FERC approves revised definition of 'bulk electric system'
Originally published December 21, 2012
The Federal Energy Regulatory Commission yesterday issued a final rule revising the definition of the bulk electric system. The revisions, proposed by the North American Electric Reliability Corp., "should provide greater transparency and uniformity in defining the bulk electric system," the commission said in announcing the rule. APPA had urged the commission to adopt NERC's revised definition (see Public Power Daily, Sept. 6).
Revisions to the current definition remove language allowing for broad discretion across the reliability regions and establish a "bright-line" threshold that includes all facilities operated at or above 100 kilovolts.
The final rule establishes a process for seeking a FERC ruling on whether facilities otherwise included in the bulk power system are used in local distribution as set forth in the Federal Power Act. The starting point for this case-by-case analysis will be Order No. 888’s seven-factor test for determining whether a facility is a local distribution or transmission facility, the commission said. However, FERC said it will "consider other factors, based on the specific situation."
Commissioner Cheryl LaFleur said the rule is "a significant moment" in the commission's oversight of the electric grid. "I think the definition very carefully reflects the limits of our jurisdiction over reliability," she said.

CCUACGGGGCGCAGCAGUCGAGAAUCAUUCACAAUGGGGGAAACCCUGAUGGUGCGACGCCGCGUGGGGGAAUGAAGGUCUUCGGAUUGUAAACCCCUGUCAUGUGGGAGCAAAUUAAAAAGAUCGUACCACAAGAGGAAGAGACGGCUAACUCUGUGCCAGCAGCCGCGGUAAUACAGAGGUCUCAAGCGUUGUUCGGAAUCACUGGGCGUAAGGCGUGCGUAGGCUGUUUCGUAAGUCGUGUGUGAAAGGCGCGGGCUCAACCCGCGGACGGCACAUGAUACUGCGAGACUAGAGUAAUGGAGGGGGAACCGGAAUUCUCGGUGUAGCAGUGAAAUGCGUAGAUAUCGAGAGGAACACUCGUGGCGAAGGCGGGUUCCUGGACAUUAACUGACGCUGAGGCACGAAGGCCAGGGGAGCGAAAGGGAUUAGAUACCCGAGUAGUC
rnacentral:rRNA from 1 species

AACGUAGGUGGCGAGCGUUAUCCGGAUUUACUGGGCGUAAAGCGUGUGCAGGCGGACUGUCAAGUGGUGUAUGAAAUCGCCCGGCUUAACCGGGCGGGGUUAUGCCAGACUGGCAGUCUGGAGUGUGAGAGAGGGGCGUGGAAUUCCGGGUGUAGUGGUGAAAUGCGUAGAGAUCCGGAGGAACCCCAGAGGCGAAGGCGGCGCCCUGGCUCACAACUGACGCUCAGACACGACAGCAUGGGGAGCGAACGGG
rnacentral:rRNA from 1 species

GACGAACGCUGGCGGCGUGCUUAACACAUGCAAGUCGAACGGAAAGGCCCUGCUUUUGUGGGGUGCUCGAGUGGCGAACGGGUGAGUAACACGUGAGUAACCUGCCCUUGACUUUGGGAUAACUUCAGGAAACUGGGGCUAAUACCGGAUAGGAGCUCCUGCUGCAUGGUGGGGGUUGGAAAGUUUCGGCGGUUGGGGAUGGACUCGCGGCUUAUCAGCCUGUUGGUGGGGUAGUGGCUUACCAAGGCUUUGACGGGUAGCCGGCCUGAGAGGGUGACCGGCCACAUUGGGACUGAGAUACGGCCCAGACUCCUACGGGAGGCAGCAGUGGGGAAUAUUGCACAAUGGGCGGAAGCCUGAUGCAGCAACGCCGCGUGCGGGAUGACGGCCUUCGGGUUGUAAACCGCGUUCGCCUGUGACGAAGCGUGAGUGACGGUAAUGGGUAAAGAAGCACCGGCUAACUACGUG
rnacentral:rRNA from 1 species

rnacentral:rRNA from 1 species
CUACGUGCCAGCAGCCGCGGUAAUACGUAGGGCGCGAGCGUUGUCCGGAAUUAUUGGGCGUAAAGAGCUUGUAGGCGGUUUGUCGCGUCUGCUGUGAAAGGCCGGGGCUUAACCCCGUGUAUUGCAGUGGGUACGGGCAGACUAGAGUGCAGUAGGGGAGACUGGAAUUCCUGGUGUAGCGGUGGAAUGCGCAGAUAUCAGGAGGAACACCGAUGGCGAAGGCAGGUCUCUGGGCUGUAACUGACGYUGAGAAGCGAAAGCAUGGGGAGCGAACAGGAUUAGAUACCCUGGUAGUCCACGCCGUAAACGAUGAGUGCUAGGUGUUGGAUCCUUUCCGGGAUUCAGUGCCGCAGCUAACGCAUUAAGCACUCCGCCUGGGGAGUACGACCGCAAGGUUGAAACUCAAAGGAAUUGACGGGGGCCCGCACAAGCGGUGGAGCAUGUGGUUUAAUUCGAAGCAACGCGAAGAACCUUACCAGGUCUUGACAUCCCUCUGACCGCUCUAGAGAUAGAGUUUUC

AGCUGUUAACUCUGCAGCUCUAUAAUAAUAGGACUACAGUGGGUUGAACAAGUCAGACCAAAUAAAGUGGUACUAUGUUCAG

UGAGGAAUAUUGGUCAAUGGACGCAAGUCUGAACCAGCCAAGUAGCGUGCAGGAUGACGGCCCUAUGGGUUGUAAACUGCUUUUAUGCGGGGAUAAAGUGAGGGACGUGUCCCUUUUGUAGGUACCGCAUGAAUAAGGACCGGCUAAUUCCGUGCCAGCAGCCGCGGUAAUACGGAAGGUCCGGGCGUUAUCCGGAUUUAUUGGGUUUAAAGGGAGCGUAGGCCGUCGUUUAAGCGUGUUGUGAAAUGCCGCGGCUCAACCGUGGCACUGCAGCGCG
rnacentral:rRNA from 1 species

The final rule will take effect 60 days after it is published in the Federal Register.
In other action at FERC's Dec. 20 meeting, the commission denied rehearing in several dockets, reaffirming the final rule on integration of variable resources to require 15-minute scheduling; its prior order on Iberdrola v. BPAregarding compensation for curtailment of wind generation; and its order affirming that it can and will impose penalties for violation of reliability standards by the federal power marketing administrations. The commission also approved a final rule amending its regulations to provide it with access to the electronic tags, known as e-Tags, used in wholesale markets (see separate story, below).
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